Times change, regimes change and the reasons why a book, a play or an opera was once banned or considered taboo now seem quaint, if not ridiculous. Yet at one time or another, several popular Beijing operas have fallen afoul of the censors in China and Taiwan.
Thirteen years ago, National Guoguang Opera Company (國立國光劇團) staged a “Forbidden Show” that was such a success, artistic director Wang An-chi (王安祈) decided to create a mini-festival of once-banned works (or excerpts from them) as a way of celebrating the right to free speech and the vitality of art that survives despite censorship and oppression.
The See You Again, Banned Operas (再見禁戲) program features nine works. The idea behind the program title is twofold: one, that such banned operas can be seen again; two, that in today’s world, the rationale for banning these works, or making performances of them taboo, is “no longer seen.”
Photo courtesy of National Guoguang Opera Company
The program opens tonight with The Lucky Purse (鎖麟囊) at 7:30pm. The opera was banned in China in 1950 because it tells the story of a wealthy bride who gives away the lucky purse her mother bestowed on her to a poor bride, whom she encounters on her way to her groom’s home.
This raised issues about class and whether a poor person should accept gifts from the wealthy.
Tomorrow’s matinee will be two pieces from the popular Yang Family Generals (楊家將) collection of stories: Si Lang Seeks His Mother (四郎探母) and Women Generals of the Yang Family (楊門女將).
Photo courtesy of National Guoguang Opera Company
The first was banned both in China and by the authoritarian-era government in Taiwan — the former because the main character was deemed a traitor for surrendering and marrying an enemy princess, and the latter because the government feared homesick Mainlander soldiers might be upset.
The second opera was banned in China because women were considered unfit to be generals and could not be counted upon to save a nation.
Sunday’s matinee will be a performance of Li Huiniang (李慧娘), a kun (崑) opera derived from Red Plum Pavilion (紅梅閣), which Chinese Communist Party censors banned because it is a ghost story, which smacked of superstition.
Friday next week will see excerpts from the kun opera The Tale of the Wooden Hairpin (荊釵記) and The Western Chamber (西廂記). The first, one of the “four great southern operas” (四大南戲), was banned during the early Qing Dynasty.
On Saturday next week, Lin Chong’s Night Escape (林沖夜奔) and Wild Boar Forest (野豬林) will be performed. The Taiwanese government banned the first one during the Martial Law era.
The final show in the program will be on Sunday next week, featuring Zhao Jun Departs for Barbarian Lands (昭君出塞), Zhuangzi Tests His Wife (莊子試妻 — 大劈棺) Wu Han Kills His Wife (吳漢殺妻). These were banned in China because the first was seen as satirizing the government, the second as “obstructing good customs” and the third because killing one’s wife was a “violation of social education.”
The lengths of performances vary, but will run between 140 and 185 minutes, including an intermission.
■ Tonight at 7:30pm, tomorrow and Sunday at 2:30pm, Friday next week at 7:30pm, Saturday and Sunday next week at 2:30pm
■ Taiwan Traditional Theatre Center’s Main Theater (臺灣戲曲中心大表演廳), 751, Wenlin Rd, Taipei City (台北市文林路751號)
■ Tickets are NT$400 to NT$1,500, available at the National Theater Concert Hall’s box offices, online at www.artsticket.com and convenience store ticket kiosks
Scott Saulters wasn’t sure if his film had just taken one of the two top prizes at a recent film competition. Although Saulters has been in Taiwan for 15 years and is proficient in Mandarin, the award ceremony for the inaugural “Bi Tian Iann” (眯電影) short film contest was conducted entirely in Hoklo (also known as Taiwanese), a language he can’t speak. “I thought I heard it, but I didn’t want to look too excited,” he says. Despite his limited command of the tongue, Saulter’s entry, Wu Yu Tzu (烏魚子, mullet roe), took first place in the amateur category of the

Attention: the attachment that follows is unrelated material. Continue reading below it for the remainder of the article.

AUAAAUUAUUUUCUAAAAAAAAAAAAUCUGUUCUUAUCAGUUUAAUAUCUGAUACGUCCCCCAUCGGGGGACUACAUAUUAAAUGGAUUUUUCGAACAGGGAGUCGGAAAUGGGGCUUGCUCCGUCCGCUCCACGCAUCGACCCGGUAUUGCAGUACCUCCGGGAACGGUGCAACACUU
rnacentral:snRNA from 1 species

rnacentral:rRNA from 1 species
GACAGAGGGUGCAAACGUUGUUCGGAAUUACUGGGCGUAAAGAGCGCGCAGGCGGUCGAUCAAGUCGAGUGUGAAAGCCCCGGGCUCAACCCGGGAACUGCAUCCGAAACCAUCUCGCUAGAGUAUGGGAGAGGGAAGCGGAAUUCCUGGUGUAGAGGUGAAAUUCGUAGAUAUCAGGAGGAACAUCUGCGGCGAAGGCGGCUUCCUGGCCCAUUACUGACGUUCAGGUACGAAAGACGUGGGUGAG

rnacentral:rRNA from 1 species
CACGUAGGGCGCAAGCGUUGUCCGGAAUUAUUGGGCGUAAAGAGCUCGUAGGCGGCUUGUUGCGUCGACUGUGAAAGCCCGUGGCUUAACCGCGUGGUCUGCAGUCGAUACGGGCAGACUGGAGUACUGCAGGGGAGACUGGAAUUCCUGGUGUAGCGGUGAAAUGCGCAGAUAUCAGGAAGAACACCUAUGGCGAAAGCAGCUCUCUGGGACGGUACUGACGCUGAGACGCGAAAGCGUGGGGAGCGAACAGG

Since its launch in 2014, the Taiwan Season has increasingly become a “must-see” at the Edinburgh Festival Fringe. So, when this year’s three-week Fringe became an early casualty of the COVID-19 coronavirus pandemic, Chen Pin-chuan (陳斌全) was determined that the Taiwan Season must continue in some form. Chen, director of the Cultural Division of the Taipei Representative Office in the UK, says that he and Taiwan Season curator and producer Yeh Jih-wen (葉紀紋) had been thinking of ways of growing and adding value to the season anyway. The crisis and the cancellation of the live performances brought those ideas forward as
In the regular drumbeat of arrests of alleged Chinese spies, one case last month stood out. It did not involve the US or another rival of China, but Russia, whose security services accused a prominent arctic scientist of selling classified data on technologies for detecting submarines. Meanwhile a court in Kazakhstan in October convicted the Central Asia nation’s preeminent China specialist of espionage, a move widely interpreted at the time as a warning against increased meddling by the superpower next door. Both men maintain their innocence and if China is spying on Russia, Moscow is surely doing the same. Even so, the fact
A walk down Orchard Road shows just how badly the coronavirus pandemic has hit Singapore’s famed shopping strip. Gone are popular restaurants like Modesto’s, which shut last month after 23 years. Also missing are the queues of Chinese tourists outside Chanel and Louis Vuitton. Malls along the 2.4km stretch, once one of Asia’s top shopping meccas, are dotted with empty stores. On a recent midweek afternoon, the number of shop staff idly dusting shelves or playing with their mobile phones rather than greeting customers is notable. “It’s the worst crisis for Singapore and Orchard Road,” said Kiran Assodani, who has run her